Earlier in the year I received an unexpected email from some of the team behind Islington Square. Located directly between Angel and Highbury & Islington stations, the Islington Square project has seen parts of north London’s old postal sorting office converted into a new social space, featuring everything from pedestrian squares, plant shops, plantbased food and art spaces.

As part of this new approach to the building, the team were also planning to incorporate a marketplace to support emerging ethical and sustainable brands. Eager to avoid greenwashing and provide support to independent makers, they reached out to me for curation and guidance as they worked on creating a thoughtful edit of conscious creations, resulting in a thriving little market for ‘The Canvas’ space.

The marketplace opened last week, and will be open 10am – 6pm Friday to Sunday until December, so I wanted to take a moment to talk about the brands that ended up coming together to take part. Each brand is owned and run by wonderful people who I’ve had the pleasure of getting to know over the summer, so I thought now would be a lovely chance to share their work. Small scale, independent and creatively minded ventures are always the kind of models I prefer to support , so why not take the chance to share eh?

Here’s who is involved:

Ally Bee

Ally Bee is a contemporary luxury knitwear brand that is ‘Cradle-to-Cradle’® certified, which is a globally recognised measure of safer, more sustainable products made for the circular economy (products are assessed on material health, material reuse, renewable energy and carbon management, water stewardship, and social fairness.)

Each collection is lovingly crafted from natural fibre yarns that are sustainably sourced in Britain. Their signature jumpers and accessories are made in small batches in the Scottish Borders, while limited-edition statement hand-knits are produced by an artisanal women’s knitting hub in India. I’ve known of this brand for a few years now, and they consistently work to grow and ensure they have a light impact on the earth in all areas of operation.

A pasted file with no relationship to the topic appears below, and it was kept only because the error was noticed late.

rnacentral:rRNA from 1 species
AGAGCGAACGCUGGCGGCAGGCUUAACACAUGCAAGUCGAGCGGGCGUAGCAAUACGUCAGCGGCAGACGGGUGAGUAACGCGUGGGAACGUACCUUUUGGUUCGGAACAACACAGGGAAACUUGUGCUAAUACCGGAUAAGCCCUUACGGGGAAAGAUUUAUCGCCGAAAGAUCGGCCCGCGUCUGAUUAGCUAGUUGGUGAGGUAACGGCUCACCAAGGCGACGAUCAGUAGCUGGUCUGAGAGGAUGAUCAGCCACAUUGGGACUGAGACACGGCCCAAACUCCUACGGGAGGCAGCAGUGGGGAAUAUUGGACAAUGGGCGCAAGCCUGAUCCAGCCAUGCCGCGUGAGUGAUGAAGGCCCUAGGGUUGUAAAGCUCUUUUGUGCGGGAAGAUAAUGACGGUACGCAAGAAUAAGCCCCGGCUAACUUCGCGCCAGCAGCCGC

Charlotte Dunn Design

Charlotte Dunn Design was created to combine two important passions: sleep and the environment. Good sleep is vital to health and wellbeing, and yet it is often overlooked and undervalued in contemporary culture. Charlotte Dunn Design’s capsule collection of luxury sleepwear seeks to encourage mindfulness and acts of self-care in daily life.

The collection is produced using GOTS-certified materials which are organic and produced using closed-loop processes. The result is a collection of sustainably made items for wearers to treasure for many years to come. Each collection is made in small batches under ethical conditions, where workers are treated well and paid fairly.

Frank Horn

Frank Horn is an East London-based brand offering a selection of goods that are handmade in London with vegetable-tanned leather and produced in small batches.

Frank Horn was founded by Uzo Okwuosa, a self-taught artisan, in 2015 after he was inspired by a trip to Nigeria. Each design emphasises timelessness, durability and functionality, whilst also offering a bespoke service. Uzo himself is an open-hearted soul, passionate about his craft and dedicated to creativity and quality. He truly embodies what it means to be an artisan in a modern-day context.

Glow & See

Glow’s unisex range of light-reflective and adaptable accessories are designed for conscious city-dwellers and outdoor enthusiasts alike. Uniquely poised at the intersection of athleisure and traditional safety-wear, their pieces are stylish, functional and sustainable, while also promoting road safety at night and social impact simultaneously.

Founded by conscious stylist and all-round-lovely-human Comet Chukura, Glow’s range of snoods, beanies and headbands are made from wool with a unique glassfibre yarn woven into it, making them quick-wicking, breathable and light-responsive, to keep you safe during the darker months and uniquely stylish too.

Glow knows each of their makers personally, as they work with women who have faced socio-economic barriers due to factors such as mental/physical health, race, class, or immigration status. These women handcraft every Glow item, receive a fair wage and increased empowerment and confidence.


Ryley is an activewear brand that recycles waste products into new responsible designs, that are created to be as long-lasting as possible. Their designs focus on functionality, sustainability and transcending trends, whilst they also offer a Repair and Recycle service to promote circular economy principles.

Ryley was founded by Robyn Yeang, a fitness professional with a background in fashion design. Ryley was inspired both by the women Yeang has trained with and her father’s eco-architecture practice, resulting in practical, functional and beautiful creations.


shado is an online and print publication working at the intersection of arts, activism and academia to spotlight those at the frontline of social change. shado believes that those with lived experience of an issue or injustice are best placed to discuss and advocate for meaningful change in that space, shado is a platform for such people.

Alongside the magazine, shado will also be selling bangles from their I AM WOMXN collaboration with Article 22. Each bangle is ethically made in Laos from locally sourced bomb shrapnel that has been recycled into jewellery, and a portion of each sale is donated to Mines Advisory Group to continue clearing the 80 million unexploded bombs contaminating land in Laos.

market photo by Kensington Leverne

You can visit Common Ground at Islington Square, open Friday – Sunday until December 1st